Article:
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About The Idea of God

Through traditions dated thousands of years back, BCE, we have a set of thought processes on the concept of God which are not so clear cut as the definitions we have today. Apoorva goes back to the Rg Veda, a text that deals with the origins of the universe, to ask questions to herself - and the audience - of the various ways we can interpret, question, and understand the connectedness and surrender many of us find in the universe around us.


The solo full length Bharatanatyam recital will explore the idea of God in Indian philosophy and thought through the exploration of texts and narratives previously unseen through the medium of Bharatanatyam. From Vedas and Sangam texts, all the way down to revolutionary and modern writing of the 21st century. This visual journey probes the Indian understanding of God Through the centuries.




Bio: 

Dr. Apoorva Jayaraman is a Bharatanatyam artiste based in Chennai with a multidimensional interest in the classical arts. Apart from being a noted performer,steadily carving her own niche in the world of Bharatanatyam, she is invested in the wider canvas of art as a professional practice and an academic discipline.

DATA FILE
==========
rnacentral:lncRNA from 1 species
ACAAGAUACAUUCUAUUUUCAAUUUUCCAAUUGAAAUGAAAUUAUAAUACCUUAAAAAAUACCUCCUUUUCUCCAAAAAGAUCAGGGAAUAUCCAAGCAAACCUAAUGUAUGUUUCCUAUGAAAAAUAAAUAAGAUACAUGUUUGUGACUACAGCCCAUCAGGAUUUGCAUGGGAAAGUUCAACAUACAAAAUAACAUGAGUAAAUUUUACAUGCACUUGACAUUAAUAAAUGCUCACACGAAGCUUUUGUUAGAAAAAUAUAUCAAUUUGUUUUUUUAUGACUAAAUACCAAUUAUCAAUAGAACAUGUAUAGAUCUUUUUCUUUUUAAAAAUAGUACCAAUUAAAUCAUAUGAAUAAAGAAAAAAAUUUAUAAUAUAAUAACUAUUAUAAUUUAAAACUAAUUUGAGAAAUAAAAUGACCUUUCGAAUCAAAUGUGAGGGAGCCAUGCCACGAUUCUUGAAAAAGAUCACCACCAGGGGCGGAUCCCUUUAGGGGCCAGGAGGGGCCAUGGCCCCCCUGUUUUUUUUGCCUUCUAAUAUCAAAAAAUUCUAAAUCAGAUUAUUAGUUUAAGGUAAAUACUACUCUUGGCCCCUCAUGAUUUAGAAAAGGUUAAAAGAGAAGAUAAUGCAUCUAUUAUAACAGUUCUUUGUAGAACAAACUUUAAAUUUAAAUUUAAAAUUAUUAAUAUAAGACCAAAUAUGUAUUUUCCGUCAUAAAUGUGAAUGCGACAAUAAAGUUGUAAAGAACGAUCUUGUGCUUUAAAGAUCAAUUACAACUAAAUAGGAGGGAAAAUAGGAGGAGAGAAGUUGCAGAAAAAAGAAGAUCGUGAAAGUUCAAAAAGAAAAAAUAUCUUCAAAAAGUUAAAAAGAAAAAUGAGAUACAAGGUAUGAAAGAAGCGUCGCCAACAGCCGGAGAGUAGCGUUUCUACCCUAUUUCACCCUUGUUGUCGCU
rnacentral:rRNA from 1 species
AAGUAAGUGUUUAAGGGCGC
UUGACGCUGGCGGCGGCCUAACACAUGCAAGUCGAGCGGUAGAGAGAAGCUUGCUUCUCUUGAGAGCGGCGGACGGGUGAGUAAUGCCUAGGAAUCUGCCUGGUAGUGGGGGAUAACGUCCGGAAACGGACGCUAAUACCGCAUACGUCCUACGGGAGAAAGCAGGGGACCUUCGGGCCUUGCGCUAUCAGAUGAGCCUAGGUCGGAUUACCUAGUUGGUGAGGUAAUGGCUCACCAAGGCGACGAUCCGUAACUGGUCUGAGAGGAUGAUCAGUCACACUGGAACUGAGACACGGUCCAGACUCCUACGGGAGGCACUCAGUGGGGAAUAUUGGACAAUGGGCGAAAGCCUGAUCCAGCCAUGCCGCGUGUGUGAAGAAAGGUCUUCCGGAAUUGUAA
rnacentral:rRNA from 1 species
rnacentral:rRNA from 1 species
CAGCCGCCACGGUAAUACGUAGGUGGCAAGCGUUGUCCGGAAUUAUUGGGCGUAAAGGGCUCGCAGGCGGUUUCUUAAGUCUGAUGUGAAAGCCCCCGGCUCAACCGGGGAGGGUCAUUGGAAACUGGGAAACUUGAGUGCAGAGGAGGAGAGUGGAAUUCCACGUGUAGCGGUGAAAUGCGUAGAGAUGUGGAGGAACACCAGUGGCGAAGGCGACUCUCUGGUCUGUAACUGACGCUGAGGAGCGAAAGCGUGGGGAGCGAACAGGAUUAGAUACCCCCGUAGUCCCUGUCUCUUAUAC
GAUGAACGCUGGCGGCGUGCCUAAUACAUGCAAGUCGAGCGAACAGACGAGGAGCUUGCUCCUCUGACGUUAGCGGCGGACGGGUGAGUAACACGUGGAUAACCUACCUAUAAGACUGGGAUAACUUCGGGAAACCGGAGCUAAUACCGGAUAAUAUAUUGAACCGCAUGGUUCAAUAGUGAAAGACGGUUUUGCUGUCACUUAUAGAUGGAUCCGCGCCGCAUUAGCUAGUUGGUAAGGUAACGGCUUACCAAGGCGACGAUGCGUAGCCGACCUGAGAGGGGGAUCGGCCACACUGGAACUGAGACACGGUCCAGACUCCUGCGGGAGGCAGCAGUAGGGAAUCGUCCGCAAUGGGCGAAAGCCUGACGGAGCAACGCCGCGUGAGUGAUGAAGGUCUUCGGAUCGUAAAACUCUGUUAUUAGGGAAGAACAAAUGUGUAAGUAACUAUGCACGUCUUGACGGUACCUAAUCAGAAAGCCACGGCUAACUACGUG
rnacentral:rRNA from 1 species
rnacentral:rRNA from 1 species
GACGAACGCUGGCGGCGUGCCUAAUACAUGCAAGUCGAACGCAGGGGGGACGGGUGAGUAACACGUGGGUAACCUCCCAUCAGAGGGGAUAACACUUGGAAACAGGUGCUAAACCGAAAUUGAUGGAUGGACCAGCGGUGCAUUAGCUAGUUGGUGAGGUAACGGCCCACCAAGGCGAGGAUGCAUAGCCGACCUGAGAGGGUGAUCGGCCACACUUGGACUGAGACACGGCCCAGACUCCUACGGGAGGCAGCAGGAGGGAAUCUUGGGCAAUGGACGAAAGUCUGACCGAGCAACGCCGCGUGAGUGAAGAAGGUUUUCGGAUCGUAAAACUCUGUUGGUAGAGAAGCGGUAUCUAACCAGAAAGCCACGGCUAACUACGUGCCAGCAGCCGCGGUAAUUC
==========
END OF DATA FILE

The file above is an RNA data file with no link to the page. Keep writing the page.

She is a Junior Fellow of the Ministry of Culture (GoI) researching The Role of Art in Knowledge Advancement. She has conceived and curated noteworthy dance-related conferences called Navadhisha - New Voices in Dance (@navadhisha), and fosters an active interest in Arts Policy in India. She has recently also edited and published a book called “Why do we dance?” with contributions from many young thinkers and artists in the field. She is the co-founder of RootEd Foundation (@therootedfoundation) that is working in the areas of audience development and dance awareness. Her most recent venture is The Study Room, an alternate arts education space, endeavouring to bring the principles of traditional arts education into the virtual classroom and a modern
mind space.

She holds a PhD in Astronomy from the University of Cambridge and a Masters degree in Physics from University of Oxford.